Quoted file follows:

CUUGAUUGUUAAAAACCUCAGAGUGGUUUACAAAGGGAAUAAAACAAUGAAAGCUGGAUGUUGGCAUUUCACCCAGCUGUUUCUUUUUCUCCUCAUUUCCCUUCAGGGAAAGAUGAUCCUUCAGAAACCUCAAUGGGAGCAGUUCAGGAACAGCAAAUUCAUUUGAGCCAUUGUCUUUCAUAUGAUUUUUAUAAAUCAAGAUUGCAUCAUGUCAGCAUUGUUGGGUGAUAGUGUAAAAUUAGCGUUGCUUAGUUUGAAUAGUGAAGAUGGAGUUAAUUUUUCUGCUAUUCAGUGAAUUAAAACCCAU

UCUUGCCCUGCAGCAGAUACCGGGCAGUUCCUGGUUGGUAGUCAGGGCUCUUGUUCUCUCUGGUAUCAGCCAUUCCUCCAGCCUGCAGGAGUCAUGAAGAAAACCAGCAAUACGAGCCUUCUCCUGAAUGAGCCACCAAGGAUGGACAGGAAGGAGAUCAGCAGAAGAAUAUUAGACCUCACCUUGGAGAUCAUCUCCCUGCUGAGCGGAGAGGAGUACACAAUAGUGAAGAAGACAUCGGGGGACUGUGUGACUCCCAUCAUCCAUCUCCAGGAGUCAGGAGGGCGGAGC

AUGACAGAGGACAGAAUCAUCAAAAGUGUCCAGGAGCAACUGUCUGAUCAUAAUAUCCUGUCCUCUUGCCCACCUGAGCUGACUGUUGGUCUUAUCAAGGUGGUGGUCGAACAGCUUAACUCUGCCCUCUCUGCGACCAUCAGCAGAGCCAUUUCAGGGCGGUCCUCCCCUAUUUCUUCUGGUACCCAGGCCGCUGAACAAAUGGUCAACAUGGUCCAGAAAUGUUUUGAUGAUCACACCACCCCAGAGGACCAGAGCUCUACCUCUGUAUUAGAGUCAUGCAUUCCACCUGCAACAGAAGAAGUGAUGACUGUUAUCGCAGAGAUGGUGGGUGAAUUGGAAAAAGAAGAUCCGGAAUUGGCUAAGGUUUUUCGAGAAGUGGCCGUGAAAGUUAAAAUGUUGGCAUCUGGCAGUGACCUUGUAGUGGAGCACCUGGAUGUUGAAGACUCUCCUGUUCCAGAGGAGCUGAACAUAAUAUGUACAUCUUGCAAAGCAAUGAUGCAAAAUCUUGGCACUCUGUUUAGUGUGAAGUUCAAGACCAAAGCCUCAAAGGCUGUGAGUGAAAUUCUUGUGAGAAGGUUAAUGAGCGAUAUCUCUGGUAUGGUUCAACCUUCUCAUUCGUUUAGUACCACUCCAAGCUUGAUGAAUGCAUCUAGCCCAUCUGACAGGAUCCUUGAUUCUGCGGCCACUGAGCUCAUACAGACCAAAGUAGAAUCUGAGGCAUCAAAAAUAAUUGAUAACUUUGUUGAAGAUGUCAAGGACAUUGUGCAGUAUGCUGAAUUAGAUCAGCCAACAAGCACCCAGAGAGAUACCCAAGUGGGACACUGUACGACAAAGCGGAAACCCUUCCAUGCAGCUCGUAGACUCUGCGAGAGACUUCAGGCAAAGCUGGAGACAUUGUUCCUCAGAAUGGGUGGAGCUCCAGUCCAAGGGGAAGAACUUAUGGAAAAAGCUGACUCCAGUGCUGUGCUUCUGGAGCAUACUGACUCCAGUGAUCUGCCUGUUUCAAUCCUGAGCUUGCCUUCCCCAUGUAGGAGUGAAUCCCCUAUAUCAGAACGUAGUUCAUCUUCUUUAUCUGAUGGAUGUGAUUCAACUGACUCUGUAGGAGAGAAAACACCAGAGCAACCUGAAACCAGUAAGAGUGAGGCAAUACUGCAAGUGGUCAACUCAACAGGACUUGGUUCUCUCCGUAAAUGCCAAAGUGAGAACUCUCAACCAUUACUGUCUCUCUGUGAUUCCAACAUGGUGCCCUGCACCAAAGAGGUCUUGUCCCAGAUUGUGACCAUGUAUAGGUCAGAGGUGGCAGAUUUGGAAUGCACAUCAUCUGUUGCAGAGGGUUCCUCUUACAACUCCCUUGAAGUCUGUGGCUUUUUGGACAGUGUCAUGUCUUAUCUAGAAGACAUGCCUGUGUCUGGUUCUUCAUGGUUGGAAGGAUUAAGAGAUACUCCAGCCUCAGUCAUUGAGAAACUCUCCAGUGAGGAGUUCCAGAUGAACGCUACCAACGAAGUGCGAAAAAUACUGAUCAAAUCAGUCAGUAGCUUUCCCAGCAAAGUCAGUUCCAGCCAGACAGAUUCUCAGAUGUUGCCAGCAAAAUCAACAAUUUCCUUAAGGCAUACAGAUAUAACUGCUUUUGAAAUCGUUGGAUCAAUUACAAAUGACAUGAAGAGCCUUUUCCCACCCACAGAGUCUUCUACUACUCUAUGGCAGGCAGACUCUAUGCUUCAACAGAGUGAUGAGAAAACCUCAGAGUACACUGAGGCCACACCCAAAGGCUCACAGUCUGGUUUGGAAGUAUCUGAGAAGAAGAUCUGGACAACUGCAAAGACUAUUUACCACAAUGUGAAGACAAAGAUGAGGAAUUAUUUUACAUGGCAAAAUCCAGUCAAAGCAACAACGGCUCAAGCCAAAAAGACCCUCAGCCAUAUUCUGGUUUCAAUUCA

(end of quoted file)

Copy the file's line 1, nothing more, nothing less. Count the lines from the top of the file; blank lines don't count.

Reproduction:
CUUGAUUGUUAAAAACCUCAGAGUGGUUUACAAAGGGAAUAAAACAAUGAAAGCUGGAUGUUGGCAUUUCACCCAGCUGUUUCUUUUUCUCCUCAUUUCCCUUCAGGGAAAGAUGAUCCUUCAGAAACCUCAAUGGGAGCAGUUCAGGAACAGCAAAUUCAUUUGAGCCAUUGUCUUUCAUAUGAUUUUUAUAAAUCAAGAUUGCAUCAUGUCAGCAUUGUUGGGUGAUAGUGUAAAAUUAGCGUUGCUUAGUUUGAAUAGUGAAGAUGGAGUUAAUUUUUCUGCUAUUCAGUGAAUUAAAACCCAU